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Fractured Grid tabletop focuses on recovery after the big one


Earthquake Program Manager Maximilian Dixon talks about the devastating impacts of a 9.0 earthquake on the state to a tabletop of the power industry and state and federal officials.

Fractured Grid tabletop focuses on recovery after the big one

OLYMPIA – Dozens of officials from power utilities gathered on Aug. 23 to discuss how they could respond to severe power outages and system failures following a big earthquake.
The goal was to strengthen coordination among each other and between government agencies, such as FEMA, the Washington Emergency Management Division, the Bonneville Power Administration and the U.S. Department of Energy, who were also present for the tabletop.

One sobering reality emerged: It could take many, many months for residents to get power back, especially following a 9.0 earthquake and tsunami, which is expected to black out all the coastal areas and cause massive damage and deaths all over Western Washington. And line workers and the power industry in general will not be able to respond right away because they’ll be coping with their own losses.


Washington Emergency Management Director Robert Ezelle.

“It’s clear we need to build a resiliency of people – whether they’re 2 Weeks Ready or even 30 days ready,” said Robert Ezelle, the director of the Washington Emergency Management Division. “We also need to make sure all our employees take care of their families, especially line workers, who we’ll all be depending on, too.”

“Now that we know each other better, we also need to know what our plans and priorities are,” added Mike O’Hare, the FEMA Region X administrator. “I look forward to further discussion. We can’t plan until we understand. And let’s continue our planning together as a team.”

During the all-day meeting at the state Legislative Building in Olympia, industry officials prioritized who should get power back first and how power could be restored. They talked about the challenges of getting a distribution network up and running. With most of the region’s power coming from dams, it’s possible there could be some “pockets” of power that could be expanded.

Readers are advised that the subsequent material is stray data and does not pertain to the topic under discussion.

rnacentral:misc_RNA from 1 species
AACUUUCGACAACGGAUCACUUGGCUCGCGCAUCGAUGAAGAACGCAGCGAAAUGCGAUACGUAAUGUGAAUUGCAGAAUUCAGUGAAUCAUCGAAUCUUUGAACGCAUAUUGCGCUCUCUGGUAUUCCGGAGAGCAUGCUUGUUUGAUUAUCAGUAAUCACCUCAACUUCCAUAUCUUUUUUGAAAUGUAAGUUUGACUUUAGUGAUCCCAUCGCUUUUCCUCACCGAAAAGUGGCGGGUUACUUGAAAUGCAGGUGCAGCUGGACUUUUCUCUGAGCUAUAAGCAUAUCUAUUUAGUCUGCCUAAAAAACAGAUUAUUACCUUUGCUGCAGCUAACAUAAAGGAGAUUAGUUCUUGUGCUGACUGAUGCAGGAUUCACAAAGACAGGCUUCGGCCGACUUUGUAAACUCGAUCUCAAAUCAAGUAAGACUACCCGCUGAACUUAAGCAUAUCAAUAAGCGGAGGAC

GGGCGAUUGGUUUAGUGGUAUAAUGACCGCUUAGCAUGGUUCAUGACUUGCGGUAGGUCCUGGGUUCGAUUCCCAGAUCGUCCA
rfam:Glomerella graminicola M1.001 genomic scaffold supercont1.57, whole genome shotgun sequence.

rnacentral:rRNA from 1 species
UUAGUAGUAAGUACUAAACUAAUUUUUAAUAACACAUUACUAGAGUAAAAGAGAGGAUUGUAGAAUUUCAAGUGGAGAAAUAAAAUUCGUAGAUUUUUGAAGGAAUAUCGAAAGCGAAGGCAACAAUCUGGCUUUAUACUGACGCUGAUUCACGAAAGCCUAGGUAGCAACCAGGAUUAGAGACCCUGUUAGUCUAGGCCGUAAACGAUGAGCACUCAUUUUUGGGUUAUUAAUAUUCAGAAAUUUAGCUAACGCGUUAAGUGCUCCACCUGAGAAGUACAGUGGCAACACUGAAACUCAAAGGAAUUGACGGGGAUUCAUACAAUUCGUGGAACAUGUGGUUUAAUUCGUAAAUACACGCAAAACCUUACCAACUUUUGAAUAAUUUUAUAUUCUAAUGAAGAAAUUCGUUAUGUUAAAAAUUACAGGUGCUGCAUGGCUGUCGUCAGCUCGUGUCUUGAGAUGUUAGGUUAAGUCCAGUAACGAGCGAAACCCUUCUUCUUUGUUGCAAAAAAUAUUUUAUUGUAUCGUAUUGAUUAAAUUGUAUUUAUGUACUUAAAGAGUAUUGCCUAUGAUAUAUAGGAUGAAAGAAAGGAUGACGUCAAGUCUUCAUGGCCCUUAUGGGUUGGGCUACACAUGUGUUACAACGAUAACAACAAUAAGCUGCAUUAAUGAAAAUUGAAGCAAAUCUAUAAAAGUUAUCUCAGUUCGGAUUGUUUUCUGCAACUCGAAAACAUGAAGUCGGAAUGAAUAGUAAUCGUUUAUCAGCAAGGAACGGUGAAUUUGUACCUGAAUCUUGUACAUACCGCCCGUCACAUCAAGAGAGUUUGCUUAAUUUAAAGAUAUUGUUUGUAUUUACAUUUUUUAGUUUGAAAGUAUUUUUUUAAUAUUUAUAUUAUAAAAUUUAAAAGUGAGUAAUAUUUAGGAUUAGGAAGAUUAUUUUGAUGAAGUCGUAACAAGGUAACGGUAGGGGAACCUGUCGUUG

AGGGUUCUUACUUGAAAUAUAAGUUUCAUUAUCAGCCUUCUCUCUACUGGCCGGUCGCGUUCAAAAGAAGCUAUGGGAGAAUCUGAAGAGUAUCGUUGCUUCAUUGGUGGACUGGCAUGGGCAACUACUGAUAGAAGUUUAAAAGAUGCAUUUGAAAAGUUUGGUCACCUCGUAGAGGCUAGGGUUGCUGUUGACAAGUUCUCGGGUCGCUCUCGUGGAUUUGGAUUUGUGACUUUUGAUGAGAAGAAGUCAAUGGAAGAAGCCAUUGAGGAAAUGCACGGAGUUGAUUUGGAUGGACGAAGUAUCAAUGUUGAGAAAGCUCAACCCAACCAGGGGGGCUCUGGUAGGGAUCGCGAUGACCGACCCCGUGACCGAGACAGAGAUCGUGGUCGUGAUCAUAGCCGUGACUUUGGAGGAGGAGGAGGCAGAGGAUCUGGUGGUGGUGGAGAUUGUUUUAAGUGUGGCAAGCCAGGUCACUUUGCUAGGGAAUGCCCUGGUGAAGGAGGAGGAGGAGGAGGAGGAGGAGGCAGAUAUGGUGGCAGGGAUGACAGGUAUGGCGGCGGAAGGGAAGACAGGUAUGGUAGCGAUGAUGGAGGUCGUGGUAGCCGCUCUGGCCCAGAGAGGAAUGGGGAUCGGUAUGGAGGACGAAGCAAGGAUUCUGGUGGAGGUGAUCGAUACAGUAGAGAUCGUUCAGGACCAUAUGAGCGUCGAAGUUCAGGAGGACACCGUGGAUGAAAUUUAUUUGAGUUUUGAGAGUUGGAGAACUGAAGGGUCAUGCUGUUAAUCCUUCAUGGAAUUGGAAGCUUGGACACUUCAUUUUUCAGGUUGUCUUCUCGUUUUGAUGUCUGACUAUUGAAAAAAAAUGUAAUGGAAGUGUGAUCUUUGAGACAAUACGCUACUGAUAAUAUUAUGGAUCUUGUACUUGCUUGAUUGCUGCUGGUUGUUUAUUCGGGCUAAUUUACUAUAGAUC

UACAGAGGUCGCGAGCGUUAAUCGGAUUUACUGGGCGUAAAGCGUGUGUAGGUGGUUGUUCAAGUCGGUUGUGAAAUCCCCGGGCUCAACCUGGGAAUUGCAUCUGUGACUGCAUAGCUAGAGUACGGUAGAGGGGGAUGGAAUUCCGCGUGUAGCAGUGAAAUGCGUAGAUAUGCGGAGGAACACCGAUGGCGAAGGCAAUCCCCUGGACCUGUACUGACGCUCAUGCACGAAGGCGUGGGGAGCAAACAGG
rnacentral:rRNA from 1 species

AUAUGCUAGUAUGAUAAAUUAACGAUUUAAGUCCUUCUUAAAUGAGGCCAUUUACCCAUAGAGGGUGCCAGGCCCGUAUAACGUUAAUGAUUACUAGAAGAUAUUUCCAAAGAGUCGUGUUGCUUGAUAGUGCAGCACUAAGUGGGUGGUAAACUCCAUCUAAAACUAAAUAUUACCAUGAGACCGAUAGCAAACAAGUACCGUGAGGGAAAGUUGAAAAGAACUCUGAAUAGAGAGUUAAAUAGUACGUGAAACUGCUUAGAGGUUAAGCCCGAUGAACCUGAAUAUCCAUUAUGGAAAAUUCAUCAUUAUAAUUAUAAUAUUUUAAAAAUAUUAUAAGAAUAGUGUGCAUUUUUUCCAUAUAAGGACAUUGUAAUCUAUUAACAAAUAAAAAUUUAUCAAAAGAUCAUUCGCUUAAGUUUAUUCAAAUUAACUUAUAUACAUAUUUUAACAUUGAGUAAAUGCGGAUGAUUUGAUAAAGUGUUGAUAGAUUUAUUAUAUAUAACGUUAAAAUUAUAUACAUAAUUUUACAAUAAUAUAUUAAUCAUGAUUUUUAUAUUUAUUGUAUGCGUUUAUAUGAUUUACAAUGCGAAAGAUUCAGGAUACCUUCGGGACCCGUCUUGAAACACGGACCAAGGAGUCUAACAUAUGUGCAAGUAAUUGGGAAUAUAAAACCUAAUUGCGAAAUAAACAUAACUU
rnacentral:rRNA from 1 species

But some equipment such as a new transformer could take a whole year to manufacture – and asking ratepayers to stockpile transformers may be a challenge. The question mused by industry officials is how much are ratepayers willing to pay now for an uncertain event?

Officials with the state Department of Commerce pointed out that federal funds can be used to help reimburse public utility districts during an emergency, but not private utilities, which take care of the power for 53 percent of the state.

 “What items or investments can you make now in your infrastructure to help ensure they’re not going to fail and they’re still going to be there?” questioned Ezelle. “That way we can bring the grid and the system up that much more quickly because, ultimately, resiliency is about trying to bring our power grid and critical services back up, not necessarily preventing failure.”

Some of the largest utilities in the state, including Puget Sound Energy, Snohomish County PUD and Tacoma Light, sat at the same table with smaller utilities, such as Centralia City Light. They all shared a common goal of working together, but also shared concerns with a fractured transportation network with dozens of collapsed overpasses over Interstate 5 and landslides likely blocking Interstate 90. There will be a heavy dependence on air and sea resources, which O’Hare says will be deployed to staging areas right away rather than waiting for someone to ask for help.


Mike O’Hare, the FEMA Region X administrator, speaks with Ron Weaver of the state Department of Health.

They also expressed concern about being able to communicate with each other and with the wider world if all the power is out, communication systems are down and the real-time ways to identify problems with the power grids don’t work.

“It’s like we’ll be transported back to 1950,” one member of Tacoma Light quipped.
“Or the dark ages,” someone else added.

Some power utilities have satellite phones and radios, although there was a healthy conversation of doing more with HAM radio, which the state and FEMA will both be using.
Some utilities in Eastern Washington might be in a better position to take stock of the grid compared to anyone in Western Washington.

“A lot of faces are familiar to each other but the more time we spend in a room talking and doing this in an organized fashion, the better,” said Tristan Allen, the private sector program manager for the Washington Emergency Management Division.

“I think we got to know each other a little bit more and the challenges we’re dealing with and I think the big thing is what do we do next?” Ezelle said. “How do we put together something from these plans and build that integration with your industry to solve this. Because when Cascadia does happen, it’s going to be our worst day and the worst day of our area and, guess what? Every day after that will be another worst day. We have a tremendous nut to crack here so the big thing is let’s figure out how to do it.”


Mitigation Response & Recovery Unit Manager Alysha Kaplan makes a point during the tabletop exercise, sitting next to WA EMD head Robert Ezelle.